555 S.W.2d 579 (1977)

James E. LEWIS and Thomas G. Lewis, Appellants, v. AMERICAN FAMILY INSURANCE GROUP, Appellee.

Supreme Court of Kentucky.

September 16, 1977.

Attorney(s) appearing for the Case

Joe G. Leibson, Louisville, for appellants.

Kenneth L. Anderson, Woodward, Hobson & Fulton, Louisville, for appellee.

LUKOWSKY, Justice.

This is an appeal from a summary judgment which held that James and Thomas Lewis were not entitled to recover under the uninsured motorist provisions of two automobile liability insurance policies. We reverse.

On July 3, 1972 the Lewis brothers were seriously injured while riding in James' car when it collided with an uninsured motor vehicle. The uninsured motorist was a Kentucky resident, and the collision occurred in Kentucky. The Lewises were residents of Indiana. The insured vehicles were to be garaged principally in Indiana. The policies were sold and delivered in Indiana. They filed suit in the Jefferson Circuit Court against the uninsured motorist and the American Family Insurance Group, which had written both policies.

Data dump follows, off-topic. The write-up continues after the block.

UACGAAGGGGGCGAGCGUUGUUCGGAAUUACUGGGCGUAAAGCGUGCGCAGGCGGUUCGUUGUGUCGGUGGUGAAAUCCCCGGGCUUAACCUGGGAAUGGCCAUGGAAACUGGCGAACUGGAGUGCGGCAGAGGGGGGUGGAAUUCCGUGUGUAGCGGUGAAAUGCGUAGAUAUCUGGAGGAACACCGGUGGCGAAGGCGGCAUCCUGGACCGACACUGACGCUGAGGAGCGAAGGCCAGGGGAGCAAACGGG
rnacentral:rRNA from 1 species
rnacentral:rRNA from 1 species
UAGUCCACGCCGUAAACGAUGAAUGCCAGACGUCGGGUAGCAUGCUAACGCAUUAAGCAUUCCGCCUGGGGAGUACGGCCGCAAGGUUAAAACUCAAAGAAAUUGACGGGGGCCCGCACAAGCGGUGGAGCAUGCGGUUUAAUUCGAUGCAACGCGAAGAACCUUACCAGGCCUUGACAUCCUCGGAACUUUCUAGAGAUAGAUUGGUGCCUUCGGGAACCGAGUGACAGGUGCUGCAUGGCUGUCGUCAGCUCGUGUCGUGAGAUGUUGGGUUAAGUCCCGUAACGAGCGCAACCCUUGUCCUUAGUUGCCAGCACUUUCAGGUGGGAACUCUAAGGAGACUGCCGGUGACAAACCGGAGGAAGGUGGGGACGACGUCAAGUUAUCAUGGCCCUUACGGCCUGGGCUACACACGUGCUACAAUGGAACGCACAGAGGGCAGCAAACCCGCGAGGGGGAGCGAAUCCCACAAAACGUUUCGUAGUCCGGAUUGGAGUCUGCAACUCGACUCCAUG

James, at one time, had a liability insurance policy on his automobile. American contends that this policy lapsed on June 9, 1972 for non-payment of the renewal premium. James admits that he never paid the premium. He states that sometime after June 9 he received a renewal premium notice and that he had his brother, Thomas, call American's local agent the next day to arrange for the extension of coverage. According to Thomas, the local agent told him that the policy would continue in force and that James should pay the premium by July 9. The Lewises further contend that the policy continued in force because American did not comply with the statutory formalities for terminating the insurance policy.